Arabella and Mandryka meet for the first time at the ball. They are immediately attracted to each other and become engaged without further ado. Arabella wants to say goodbye to her three suitors, who have her crowned queen of the ball by Fiaker Milli. Matteo, on the other hand, exerts pressure on his friend Zdenko, who then hands him the key to Arabella’s room and informs him that he can have a tête-à-tête there with his sister. Mandryka overhears this conversation and thinks that Arabella has been unfaithful. Shocked by such outrageous behaviour, Mandryka flirts with Fiaker Milli. Arabella’s parents, however, are sure that the misunderstanding can be  quickly resolved.

Meanwhile Zdenka has spent the night, unrecognised, with Matteo. He cannot, therefore, understand why Arabella, with whom he thinks he has just been making love in her room, is so cold and heartless when they meet on the stairs of the hotel. Mandryka considers Matteo’s reactions to be proof of Arabella’s guilt and wants to break off their engagement. As Arabella insists that she is innocent, Graf Waldner challenges Mandryka to a dual. Only when Zdenka appears in women’s clothing is the misunderstanding cleared up, whereupon Mandryka arranges the engagement of Zdenka to the completely confused Matteo in order to save her honour. Everything is now in order as far as her parents are concerned, the scandal has been averted. Mandryka, ashamed of his outbursts of anger and accusations against Arabella, believes he has lost all claim to her affections. Arabella, however, after retiring to her room for a while, agrees, to his great surprise, to marry him.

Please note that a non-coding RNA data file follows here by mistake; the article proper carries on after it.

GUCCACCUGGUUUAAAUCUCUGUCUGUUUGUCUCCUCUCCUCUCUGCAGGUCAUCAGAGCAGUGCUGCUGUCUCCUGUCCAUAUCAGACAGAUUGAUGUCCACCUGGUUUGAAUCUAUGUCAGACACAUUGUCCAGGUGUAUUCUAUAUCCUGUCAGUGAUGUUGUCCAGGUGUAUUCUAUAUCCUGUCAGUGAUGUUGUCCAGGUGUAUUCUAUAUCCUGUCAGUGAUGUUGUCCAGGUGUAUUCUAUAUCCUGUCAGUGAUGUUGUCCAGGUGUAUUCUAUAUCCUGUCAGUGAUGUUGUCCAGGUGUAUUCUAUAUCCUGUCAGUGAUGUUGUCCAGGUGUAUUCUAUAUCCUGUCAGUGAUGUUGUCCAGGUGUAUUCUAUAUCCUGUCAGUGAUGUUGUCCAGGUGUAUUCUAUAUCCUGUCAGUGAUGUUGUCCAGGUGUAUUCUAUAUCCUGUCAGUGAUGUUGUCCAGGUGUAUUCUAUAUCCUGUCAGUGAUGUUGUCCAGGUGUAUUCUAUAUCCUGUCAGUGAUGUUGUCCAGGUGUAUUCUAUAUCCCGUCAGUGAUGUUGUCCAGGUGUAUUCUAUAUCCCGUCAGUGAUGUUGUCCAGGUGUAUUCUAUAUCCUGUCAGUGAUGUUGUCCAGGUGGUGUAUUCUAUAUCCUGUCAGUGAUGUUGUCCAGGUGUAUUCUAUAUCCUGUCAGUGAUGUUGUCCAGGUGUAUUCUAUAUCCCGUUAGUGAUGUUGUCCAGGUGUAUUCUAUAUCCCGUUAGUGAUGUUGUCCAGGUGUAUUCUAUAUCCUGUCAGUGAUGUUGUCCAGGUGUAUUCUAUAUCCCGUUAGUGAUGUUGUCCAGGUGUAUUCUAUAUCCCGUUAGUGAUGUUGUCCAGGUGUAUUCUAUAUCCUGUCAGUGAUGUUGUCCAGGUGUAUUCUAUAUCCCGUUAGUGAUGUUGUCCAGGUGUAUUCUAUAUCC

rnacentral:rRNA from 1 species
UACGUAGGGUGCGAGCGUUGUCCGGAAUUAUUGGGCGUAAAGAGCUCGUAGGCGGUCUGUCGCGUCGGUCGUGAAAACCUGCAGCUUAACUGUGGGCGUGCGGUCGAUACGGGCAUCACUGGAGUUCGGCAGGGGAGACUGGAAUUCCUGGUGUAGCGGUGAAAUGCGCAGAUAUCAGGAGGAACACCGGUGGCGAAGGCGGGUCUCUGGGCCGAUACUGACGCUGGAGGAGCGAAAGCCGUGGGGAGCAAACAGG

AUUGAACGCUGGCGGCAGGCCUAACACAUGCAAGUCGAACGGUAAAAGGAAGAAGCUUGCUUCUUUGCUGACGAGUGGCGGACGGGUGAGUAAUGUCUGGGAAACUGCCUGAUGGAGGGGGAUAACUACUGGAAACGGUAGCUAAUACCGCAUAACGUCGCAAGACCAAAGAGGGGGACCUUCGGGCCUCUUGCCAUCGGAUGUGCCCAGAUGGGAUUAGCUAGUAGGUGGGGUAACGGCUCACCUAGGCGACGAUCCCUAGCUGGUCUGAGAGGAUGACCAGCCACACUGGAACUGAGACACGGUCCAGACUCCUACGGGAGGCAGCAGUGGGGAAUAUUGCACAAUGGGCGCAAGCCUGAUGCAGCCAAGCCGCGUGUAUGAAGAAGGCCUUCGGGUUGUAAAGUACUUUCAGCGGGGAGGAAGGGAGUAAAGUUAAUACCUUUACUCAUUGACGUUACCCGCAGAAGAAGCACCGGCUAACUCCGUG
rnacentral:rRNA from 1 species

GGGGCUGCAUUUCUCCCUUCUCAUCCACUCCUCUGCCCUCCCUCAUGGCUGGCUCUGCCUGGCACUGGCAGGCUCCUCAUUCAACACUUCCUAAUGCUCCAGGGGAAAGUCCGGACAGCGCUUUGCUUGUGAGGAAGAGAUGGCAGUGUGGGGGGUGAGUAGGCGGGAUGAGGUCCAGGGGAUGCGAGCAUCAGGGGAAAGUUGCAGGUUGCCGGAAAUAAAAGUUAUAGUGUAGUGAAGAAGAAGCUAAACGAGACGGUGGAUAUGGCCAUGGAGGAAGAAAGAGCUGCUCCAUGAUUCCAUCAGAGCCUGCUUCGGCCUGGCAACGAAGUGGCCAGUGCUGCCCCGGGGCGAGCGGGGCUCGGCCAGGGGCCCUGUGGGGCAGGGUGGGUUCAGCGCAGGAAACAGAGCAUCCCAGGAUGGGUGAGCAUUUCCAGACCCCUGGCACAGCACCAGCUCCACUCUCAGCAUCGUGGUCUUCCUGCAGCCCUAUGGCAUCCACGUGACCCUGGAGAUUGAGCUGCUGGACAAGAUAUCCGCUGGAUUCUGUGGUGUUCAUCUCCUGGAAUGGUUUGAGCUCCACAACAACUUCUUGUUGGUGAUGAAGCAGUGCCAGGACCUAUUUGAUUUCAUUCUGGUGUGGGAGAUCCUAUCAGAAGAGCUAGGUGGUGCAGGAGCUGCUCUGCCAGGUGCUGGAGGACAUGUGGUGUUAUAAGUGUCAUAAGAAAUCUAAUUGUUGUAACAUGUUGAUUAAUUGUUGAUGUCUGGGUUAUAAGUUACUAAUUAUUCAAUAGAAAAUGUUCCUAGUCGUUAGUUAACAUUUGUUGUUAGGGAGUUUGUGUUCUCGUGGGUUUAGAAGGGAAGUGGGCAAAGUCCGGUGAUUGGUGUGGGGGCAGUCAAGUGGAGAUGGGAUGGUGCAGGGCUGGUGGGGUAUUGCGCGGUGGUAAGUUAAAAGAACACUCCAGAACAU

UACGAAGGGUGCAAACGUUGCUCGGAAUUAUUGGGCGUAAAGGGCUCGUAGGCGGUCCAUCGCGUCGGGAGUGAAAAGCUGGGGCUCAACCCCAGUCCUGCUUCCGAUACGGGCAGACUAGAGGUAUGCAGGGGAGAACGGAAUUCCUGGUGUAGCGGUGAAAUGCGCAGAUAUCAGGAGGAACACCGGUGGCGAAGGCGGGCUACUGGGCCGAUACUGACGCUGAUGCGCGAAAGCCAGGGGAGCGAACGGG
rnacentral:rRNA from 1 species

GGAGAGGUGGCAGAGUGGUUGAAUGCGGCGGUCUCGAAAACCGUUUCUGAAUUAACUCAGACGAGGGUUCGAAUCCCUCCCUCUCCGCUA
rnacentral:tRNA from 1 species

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Constantin Trinks war von 2006 bis 2009 Generalmusikdirektor am Staatstheater Saarbrücken und von 2009 bis 2012 in gleicher Funktion am Staatstheater Darmstadt, wo er u. a. Der Ring des Nibelungen, Die Meistersinger von Nürnberg, Parsifal, Fidelio und die postume Uraufführung von Carl Orffs Gisei – Das Opfer dirigierte. Seither dirigierte er am Neuen Nationaltheater Tokio (u. a. Don Giovanni) sowie an der Semperoper Dresden (u. a. Der Rosenkavalier und Jaromír Weinbergers Schwanda, der Dudelsackpfeifer), der Opéra national de Paris, der Wiener Staatsoper, dem Theater an der Wien und der Deutschen Oper Berlin (Tannhäuser). Weitere Engagements führten ihn u. a. nach Seattle, Straßburg, Zürich, Rom, Leipzig, Hamburg, Frankfurt a. M. und zu den Bayreuther Festspielen. (Stand: 2019)